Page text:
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Clear Ice Dams ... Ask how to prevent ice dams in future

Ice dams can be nightmares, potentially causing extensive water damage to their victim's homes. In 1993, record breaking snowfalls and an unusually long and cold winter caused tens of thousands of homes throughout New England and elsewhere to suffer ice dam-related damage. And many of these homes' roofs hadn't leaked in the previous 20 to 30 years!

And on any given year we may have a repeat performance!

If anything positive came of this disaster, it was that more people have become aware of what constitutes shoddy roofing practices. We realized that roofers had been getting away with installing minimally efficient roofs for years... all because the relatively mild winters we had been blessed with never put the roofs to the test! Whole housing and condominium developments were the victims of low quality roof installations by builders. And was there ever a price to be paid for this false economy... millions of dollars in interior wall, ceiling, and other property damage!

What is an ice dam, and how does it form?

When snow accumulates on a roof, a cycle of melting and refreezing occurs. In a perfect world, the snow would melt off the roof, enter the gutters, and flow harmlessly to the ground. Or the snow would evaporate from the action of the sun, and never really melt off unless the outside temperature rose above the freezing point. However, two key factors interact to cause problems... the outside temperature and the temperature of the inside of your attic.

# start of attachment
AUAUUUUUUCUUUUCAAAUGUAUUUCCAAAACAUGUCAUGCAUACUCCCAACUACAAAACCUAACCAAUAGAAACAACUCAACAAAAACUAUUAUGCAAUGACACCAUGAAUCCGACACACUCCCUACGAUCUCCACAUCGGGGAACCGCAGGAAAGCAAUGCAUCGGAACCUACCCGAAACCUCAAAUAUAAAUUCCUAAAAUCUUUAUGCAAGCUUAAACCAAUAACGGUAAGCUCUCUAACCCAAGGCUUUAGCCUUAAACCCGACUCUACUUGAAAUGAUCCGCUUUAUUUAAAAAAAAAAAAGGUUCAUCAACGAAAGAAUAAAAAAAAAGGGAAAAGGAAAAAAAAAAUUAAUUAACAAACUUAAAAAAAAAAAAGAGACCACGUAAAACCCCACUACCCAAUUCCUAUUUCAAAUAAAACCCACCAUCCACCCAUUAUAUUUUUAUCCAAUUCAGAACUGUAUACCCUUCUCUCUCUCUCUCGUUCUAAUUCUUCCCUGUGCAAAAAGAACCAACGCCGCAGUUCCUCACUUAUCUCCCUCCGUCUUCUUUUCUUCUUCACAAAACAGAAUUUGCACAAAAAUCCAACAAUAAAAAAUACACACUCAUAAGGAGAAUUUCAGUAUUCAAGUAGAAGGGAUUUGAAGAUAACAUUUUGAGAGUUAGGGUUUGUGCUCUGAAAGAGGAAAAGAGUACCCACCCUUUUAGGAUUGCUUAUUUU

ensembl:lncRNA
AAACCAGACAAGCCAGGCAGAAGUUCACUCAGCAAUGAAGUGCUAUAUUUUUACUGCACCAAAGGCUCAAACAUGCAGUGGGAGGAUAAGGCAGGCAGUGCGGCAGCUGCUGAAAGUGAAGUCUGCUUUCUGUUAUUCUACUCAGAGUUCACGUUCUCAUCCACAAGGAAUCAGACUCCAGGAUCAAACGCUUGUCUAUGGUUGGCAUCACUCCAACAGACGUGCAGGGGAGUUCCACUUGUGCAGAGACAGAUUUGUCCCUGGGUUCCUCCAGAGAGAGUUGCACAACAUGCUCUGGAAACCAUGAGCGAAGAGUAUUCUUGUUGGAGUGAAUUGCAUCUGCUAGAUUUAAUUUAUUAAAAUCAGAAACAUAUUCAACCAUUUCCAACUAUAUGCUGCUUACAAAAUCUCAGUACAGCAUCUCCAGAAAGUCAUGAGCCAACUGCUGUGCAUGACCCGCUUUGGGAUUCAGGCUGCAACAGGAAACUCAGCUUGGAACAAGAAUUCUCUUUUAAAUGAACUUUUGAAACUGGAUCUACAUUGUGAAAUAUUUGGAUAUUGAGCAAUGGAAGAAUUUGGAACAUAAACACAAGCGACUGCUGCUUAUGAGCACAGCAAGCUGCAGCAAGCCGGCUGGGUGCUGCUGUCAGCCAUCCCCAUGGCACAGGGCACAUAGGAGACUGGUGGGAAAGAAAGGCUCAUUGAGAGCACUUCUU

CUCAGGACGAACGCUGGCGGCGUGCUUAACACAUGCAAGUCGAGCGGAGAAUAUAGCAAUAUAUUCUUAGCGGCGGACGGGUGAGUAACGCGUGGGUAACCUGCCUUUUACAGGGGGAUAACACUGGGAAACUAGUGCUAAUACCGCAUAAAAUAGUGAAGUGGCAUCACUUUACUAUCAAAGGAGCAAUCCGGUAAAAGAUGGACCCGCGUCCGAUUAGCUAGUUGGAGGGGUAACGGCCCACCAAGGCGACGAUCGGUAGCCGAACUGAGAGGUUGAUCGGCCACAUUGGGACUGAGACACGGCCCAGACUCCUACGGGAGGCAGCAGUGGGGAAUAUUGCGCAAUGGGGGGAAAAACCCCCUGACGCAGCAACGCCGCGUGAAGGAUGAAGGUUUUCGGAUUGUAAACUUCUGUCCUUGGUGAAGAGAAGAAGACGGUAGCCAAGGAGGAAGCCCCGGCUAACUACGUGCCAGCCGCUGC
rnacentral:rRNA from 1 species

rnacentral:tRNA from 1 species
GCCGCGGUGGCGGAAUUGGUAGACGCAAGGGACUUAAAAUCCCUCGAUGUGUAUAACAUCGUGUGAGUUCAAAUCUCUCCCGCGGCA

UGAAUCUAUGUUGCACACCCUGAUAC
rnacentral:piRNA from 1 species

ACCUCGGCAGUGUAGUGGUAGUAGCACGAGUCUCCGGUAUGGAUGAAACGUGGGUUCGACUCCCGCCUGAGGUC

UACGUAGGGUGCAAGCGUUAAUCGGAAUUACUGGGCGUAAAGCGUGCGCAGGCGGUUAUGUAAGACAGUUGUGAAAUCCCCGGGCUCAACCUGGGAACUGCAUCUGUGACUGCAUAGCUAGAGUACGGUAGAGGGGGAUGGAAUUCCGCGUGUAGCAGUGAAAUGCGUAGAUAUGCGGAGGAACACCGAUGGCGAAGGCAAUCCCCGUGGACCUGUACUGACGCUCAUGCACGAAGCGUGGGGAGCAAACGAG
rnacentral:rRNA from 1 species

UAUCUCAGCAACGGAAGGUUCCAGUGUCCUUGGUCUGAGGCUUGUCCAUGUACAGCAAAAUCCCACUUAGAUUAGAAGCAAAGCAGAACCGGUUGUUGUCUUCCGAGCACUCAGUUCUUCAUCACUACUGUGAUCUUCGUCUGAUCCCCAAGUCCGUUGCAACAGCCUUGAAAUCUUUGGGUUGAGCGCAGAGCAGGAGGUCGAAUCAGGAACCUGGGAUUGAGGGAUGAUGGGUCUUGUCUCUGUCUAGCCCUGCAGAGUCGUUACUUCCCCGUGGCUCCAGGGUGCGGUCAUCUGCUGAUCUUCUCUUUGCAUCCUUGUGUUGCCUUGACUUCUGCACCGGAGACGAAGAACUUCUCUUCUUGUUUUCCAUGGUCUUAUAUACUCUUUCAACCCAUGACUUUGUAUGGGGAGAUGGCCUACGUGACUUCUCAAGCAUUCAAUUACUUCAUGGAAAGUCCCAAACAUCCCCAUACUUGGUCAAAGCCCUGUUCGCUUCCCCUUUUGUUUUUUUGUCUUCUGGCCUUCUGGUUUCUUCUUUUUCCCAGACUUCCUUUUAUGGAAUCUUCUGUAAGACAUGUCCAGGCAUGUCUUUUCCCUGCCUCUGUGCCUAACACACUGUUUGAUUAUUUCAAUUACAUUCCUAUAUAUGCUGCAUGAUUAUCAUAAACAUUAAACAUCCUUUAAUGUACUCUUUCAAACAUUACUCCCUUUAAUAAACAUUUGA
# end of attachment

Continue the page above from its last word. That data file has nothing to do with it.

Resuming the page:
The warmer your attic is, the more melt off that occurs at the roof surface. This melted snow would normally flow off the edge of the roof. Under certain conditions, though, when air temperature is very low, the water refreezes at the edge of the roof, where the interior roof surface is not being warmed by the attic. This refreezing gradually forms what is fondly known as an "ice dam", a growing heap of ice that blocks path of the melted snow.

Once this dam forms to a certain height, the melted snow that pools up behind it can suddenly leak back under the roof shingles and into your home! On a roof with a low slope, it only takes a small ice dam to cause water backup and leakage.

Contrary to popular opinion, gutters do not cause ice dams. However, an ice dam can extend into a gutter if weather conditions permit.

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